DETERMINANTS OF NON-PERFORMING LOANS IN THE MALAWI BANKING SECTOR
PHIRI, SANGWANI M.
UNIVERSITY OF MALAWI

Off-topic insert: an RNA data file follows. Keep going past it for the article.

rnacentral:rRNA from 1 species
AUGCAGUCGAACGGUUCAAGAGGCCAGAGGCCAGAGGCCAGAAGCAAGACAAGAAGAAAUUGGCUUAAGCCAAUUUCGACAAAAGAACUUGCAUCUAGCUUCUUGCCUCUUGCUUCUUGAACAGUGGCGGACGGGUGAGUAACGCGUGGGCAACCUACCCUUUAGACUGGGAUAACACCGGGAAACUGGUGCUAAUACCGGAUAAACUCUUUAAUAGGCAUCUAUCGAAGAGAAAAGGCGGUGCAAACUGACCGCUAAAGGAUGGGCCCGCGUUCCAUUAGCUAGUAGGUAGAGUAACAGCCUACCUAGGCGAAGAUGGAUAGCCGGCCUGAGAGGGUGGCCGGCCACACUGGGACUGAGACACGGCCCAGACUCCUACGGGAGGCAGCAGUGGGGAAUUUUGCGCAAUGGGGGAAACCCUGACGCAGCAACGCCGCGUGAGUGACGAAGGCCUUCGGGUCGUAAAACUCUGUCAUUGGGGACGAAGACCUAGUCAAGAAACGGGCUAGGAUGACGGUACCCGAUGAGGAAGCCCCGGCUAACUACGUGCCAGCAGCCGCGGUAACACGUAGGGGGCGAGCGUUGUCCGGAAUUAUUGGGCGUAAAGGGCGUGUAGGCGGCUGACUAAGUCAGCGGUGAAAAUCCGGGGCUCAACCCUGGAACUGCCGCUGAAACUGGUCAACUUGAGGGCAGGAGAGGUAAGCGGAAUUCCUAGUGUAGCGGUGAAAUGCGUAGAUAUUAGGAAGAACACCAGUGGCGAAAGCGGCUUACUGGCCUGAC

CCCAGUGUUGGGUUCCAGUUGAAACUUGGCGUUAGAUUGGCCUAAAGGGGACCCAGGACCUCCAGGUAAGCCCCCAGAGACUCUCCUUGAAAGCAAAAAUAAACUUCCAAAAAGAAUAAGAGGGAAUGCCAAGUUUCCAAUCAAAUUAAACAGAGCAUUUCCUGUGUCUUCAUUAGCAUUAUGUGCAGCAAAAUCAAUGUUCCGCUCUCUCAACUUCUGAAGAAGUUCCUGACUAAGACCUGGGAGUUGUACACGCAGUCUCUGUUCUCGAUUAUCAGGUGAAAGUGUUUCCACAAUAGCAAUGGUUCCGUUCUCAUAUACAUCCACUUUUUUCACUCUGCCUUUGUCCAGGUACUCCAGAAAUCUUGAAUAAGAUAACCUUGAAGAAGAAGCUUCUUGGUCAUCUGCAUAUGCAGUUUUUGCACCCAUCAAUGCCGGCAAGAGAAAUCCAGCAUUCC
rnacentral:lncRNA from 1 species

Default risk as evidenced by the level of Non-Performing loans (NPLs) in Malawi commercial banks has been increasing. NPLs which describe the Asset Quality of the banks is a measure of bank performance therefore it has an overall impact on the financial stability of the banks. NPLs result into funds being locked up in the unproductive sectors of the economy hence impeding economic growth and impairing economic efficiency. This study’s main objective was to determine the causes of NPLs in the commercial banks of Malawi. The study used panel data from seven banks from the year 2005 to 2014 in Malawi to analyze the bank-specific, industry-specific and macroeconomic determinants of NPLs using a Generalized Methods of Moments (GMM)/Dynamic Panel model. The model employed the Arellano-Bond (1991) onestep estimation technique which provides unbiased estimators when compared to a pooled regression model. The results obtained found that all bank-specific variables (bank size, loans to total assets ratio, ownership and growth rate of loans) were statistically significant. The variable bank and loans to assets ratio had positive significance. While ownership and growth rate of loans had negative impact. The industry-specific variable lending rate was found to have a negative impact. Among the only macro-economic variables (inflation, real exchange rate and growth rate of GDP), only the growth rate of GDP was found to be statistically significant. While inflation was found to be statistically significant only after taking its one period lag.